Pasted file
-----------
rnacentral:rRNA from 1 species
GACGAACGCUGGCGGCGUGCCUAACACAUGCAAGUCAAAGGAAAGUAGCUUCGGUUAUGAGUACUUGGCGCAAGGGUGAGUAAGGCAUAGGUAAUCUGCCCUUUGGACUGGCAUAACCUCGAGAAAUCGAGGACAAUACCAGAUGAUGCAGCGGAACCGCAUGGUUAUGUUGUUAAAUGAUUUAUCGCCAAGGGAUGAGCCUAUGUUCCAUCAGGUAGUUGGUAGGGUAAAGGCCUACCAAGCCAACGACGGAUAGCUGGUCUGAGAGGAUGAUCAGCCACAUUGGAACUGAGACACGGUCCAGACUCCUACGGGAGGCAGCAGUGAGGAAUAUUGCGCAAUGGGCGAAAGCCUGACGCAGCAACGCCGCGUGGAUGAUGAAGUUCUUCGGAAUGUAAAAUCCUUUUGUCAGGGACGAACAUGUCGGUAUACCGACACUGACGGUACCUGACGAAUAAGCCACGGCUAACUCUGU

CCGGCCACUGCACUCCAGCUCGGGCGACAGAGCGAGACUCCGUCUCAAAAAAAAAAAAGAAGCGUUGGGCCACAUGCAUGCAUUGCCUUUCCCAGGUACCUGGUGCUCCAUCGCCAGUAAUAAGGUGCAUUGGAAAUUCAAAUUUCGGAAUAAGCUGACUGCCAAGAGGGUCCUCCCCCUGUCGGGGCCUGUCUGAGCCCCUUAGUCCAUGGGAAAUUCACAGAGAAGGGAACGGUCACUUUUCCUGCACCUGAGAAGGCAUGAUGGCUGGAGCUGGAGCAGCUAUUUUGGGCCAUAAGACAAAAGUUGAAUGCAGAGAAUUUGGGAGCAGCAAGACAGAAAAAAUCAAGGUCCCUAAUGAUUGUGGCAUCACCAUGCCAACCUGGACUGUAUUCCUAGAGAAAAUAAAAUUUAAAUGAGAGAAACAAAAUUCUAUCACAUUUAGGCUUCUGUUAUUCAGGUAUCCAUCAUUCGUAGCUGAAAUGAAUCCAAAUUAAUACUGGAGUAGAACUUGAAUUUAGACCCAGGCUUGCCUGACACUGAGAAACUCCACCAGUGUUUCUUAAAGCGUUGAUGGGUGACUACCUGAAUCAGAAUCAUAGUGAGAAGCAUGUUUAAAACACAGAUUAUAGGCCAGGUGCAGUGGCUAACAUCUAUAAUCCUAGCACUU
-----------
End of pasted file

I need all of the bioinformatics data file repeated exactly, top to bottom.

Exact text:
rnacentral:rRNA from 1 species
GACGAACGCUGGCGGCGUGCCUAACACAUGCAAGUCAAAGGAAAGUAGCUUCGGUUAUGAGUACUUGGCGCAAGGGUGAGUAAGGCAUAGGUAAUCUGCCCUUUGGACUGGCAUAACCUCGAGAAAUCGAGGACAAUACCAGAUGAUGCAGCGGAACCGCAUGGUUAUGUUGUUAAAUGAUUUAUCGCCAAGGGAUGAGCCUAUGUUCCAUCAGGUAGUUGGUAGGGUAAAGGCCUACCAAGCCAACGACGGAUAGCUGGUCUGAGAGGAUGAUCAGCCACAUUGGAACUGAGACACGGUCCAGACUCCUACGGGAGGCAGCAGUGAGGAAUAUUGCGCAAUGGGCGAAAGCCUGACGCAGCAACGCCGCGUGGAUGAUGAAGUUCUUCGGAAUGUAAAAUCCUUUUGUCAGGGACGAACAUGUCGGUAUACCGACACUGACGGUACCUGACGAAUAAGCCACGGCUAACUCUGU

CCGGCCACUGCACUCCAGCUCGGGCGACAGAGCGAGACUCCGUCUCAAAAAAAAAAAAGAAGCGUUGGGCCACAUGCAUGCAUUGCCUUUCCCAGGUACCUGGUGCUCCAUCGCCAGUAAUAAGGUGCAUUGGAAAUUCAAAUUUCGGAAUAAGCUGACUGCCAAGAGGGUCCUCCCCCUGUCGGGGCCUGUCUGAGCCCCUUAGUCCAUGGGAAAUUCACAGAGAAGGGAACGGUCACUUUUCCUGCACCUGAGAAGGCAUGAUGGCUGGAGCUGGAGCAGCUAUUUUGGGCCAUAAGACAAAAGUUGAAUGCAGAGAAUUUGGGAGCAGCAAGACAGAAAAAAUCAAGGUCCCUAAUGAUUGUGGCAUCACCAUGCCAACCUGGACUGUAUUCCUAGAGAAAAUAAAAUUUAAAUGAGAGAAACAAAAUUCUAUCACAUUUAGGCUUCUGUUAUUCAGGUAUCCAUCAUUCGUAGCUGAAAUGAAUCCAAAUUAAUACUGGAGUAGAACUUGAAUUUAGACCCAGGCUUGCCUGACACUGAGAAACUCCACCAGUGUUUCUUAAAGCGUUGAUGGGUGACUACCUGAAUCAGAAUCAUAGUGAGAAGCAUGUUUAAAACACAGAUUAUAGGCCAGGUGCAGUGGCUAACAUCUAUAAUCCUAGCACUU